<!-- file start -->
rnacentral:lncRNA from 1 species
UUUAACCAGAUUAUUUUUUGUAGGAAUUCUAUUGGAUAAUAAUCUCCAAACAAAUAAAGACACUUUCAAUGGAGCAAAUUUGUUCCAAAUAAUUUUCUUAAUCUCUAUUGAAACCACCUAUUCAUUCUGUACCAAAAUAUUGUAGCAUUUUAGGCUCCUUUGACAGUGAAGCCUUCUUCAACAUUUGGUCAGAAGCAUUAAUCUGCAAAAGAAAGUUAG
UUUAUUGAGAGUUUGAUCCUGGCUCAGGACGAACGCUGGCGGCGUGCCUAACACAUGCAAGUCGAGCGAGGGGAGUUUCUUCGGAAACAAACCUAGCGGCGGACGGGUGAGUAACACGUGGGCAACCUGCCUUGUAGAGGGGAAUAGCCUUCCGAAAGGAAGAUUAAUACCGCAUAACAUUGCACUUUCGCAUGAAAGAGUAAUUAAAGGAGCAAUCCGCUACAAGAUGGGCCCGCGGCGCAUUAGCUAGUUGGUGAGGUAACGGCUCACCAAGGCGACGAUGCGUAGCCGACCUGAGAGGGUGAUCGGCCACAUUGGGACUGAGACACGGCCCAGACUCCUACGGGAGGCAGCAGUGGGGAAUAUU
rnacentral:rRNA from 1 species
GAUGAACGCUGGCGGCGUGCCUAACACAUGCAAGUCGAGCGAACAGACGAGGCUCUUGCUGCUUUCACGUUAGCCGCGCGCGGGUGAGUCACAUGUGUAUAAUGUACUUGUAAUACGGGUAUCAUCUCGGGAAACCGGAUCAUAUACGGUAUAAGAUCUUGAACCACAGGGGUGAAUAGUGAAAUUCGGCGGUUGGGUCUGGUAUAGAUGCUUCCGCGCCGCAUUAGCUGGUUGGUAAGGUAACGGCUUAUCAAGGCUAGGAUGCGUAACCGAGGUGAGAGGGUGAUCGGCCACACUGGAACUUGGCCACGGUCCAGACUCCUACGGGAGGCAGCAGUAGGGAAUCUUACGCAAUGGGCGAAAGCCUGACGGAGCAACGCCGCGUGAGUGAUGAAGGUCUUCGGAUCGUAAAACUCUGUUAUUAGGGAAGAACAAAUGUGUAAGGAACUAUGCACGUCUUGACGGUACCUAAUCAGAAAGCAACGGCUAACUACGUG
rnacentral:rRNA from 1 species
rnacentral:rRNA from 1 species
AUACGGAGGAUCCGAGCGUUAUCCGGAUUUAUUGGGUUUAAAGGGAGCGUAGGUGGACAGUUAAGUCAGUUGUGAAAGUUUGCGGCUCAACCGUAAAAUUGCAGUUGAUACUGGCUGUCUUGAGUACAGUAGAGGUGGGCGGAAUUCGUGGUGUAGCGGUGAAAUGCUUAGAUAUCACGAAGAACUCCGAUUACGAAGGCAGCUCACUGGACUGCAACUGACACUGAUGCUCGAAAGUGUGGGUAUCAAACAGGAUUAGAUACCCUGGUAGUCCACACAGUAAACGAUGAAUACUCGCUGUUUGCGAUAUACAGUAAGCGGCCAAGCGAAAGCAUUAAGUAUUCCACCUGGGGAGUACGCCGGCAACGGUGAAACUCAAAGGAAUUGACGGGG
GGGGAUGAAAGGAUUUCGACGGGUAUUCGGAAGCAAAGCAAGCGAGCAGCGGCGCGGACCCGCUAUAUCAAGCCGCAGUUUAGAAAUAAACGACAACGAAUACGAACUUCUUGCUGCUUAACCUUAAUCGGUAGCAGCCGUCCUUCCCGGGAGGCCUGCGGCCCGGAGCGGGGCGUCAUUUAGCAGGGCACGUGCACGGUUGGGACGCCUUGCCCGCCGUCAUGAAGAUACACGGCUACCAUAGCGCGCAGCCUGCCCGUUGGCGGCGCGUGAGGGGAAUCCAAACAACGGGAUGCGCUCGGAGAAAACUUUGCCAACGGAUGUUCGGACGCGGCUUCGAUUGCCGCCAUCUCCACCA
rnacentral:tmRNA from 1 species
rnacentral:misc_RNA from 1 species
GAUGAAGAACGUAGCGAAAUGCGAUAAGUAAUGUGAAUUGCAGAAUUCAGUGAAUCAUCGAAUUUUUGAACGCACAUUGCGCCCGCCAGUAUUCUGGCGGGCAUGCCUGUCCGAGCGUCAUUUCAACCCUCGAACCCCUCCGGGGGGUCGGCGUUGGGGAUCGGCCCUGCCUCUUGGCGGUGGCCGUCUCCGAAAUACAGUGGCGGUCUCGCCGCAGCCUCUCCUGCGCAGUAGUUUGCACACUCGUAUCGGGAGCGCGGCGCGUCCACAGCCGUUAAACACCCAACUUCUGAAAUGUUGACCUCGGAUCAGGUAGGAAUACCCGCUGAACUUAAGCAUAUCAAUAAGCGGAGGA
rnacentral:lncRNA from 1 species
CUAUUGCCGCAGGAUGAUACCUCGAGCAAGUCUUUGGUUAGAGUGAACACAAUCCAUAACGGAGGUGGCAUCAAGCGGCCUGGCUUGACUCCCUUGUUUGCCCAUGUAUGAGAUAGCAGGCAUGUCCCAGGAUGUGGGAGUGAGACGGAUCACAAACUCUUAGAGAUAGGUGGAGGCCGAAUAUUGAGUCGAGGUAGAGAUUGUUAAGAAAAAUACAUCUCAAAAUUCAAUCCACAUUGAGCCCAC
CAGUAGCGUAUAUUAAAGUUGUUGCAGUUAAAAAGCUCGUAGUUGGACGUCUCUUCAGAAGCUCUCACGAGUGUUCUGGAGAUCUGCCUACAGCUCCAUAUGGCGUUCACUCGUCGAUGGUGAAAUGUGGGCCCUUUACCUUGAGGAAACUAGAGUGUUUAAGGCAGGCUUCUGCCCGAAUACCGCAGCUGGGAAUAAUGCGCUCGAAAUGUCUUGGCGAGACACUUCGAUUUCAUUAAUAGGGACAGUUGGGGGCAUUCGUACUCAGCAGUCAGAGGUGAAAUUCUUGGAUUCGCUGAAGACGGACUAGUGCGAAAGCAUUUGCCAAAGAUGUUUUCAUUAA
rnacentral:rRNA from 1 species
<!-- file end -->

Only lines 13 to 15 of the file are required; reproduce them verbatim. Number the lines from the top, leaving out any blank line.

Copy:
rnacentral:lncRNA from 1 species
CUAUUGCCGCAGGAUGAUACCUCGAGCAAGUCUUUGGUUAGAGUGAACACAAUCCAUAACGGAGGUGGCAUCAAGCGGCCUGGCUUGACUCCCUUGUUUGCCCAUGUAUGAGAUAGCAGGCAUGUCCCAGGAUGUGGGAGUGAGACGGAUCACAAACUCUUAGAGAUAGGUGGAGGCCGAAUAUUGAGUCGAGGUAGAGAUUGUUAAGAAAAAUACAUCUCAAAAUUCAAUCCACAUUGAGCCCAC
CAGUAGCGUAUAUUAAAGUUGUUGCAGUUAAAAAGCUCGUAGUUGGACGUCUCUUCAGAAGCUCUCACGAGUGUUCUGGAGAUCUGCCUACAGCUCCAUAUGGCGUUCACUCGUCGAUGGUGAAAUGUGGGCCCUUUACCUUGAGGAAACUAGAGUGUUUAAGGCAGGCUUCUGCCCGAAUACCGCAGCUGGGAAUAAUGCGCUCGAAAUGUCUUGGCGAGACACUUCGAUUUCAUUAAUAGGGACAGUUGGGGGCAUUCGUACUCAGCAGUCAGAGGUGAAAUUCUUGGAUUCGCUGAAGACGGACUAGUGCGAAAGCAUUUGCCAAAGAUGUUUUCAUUAA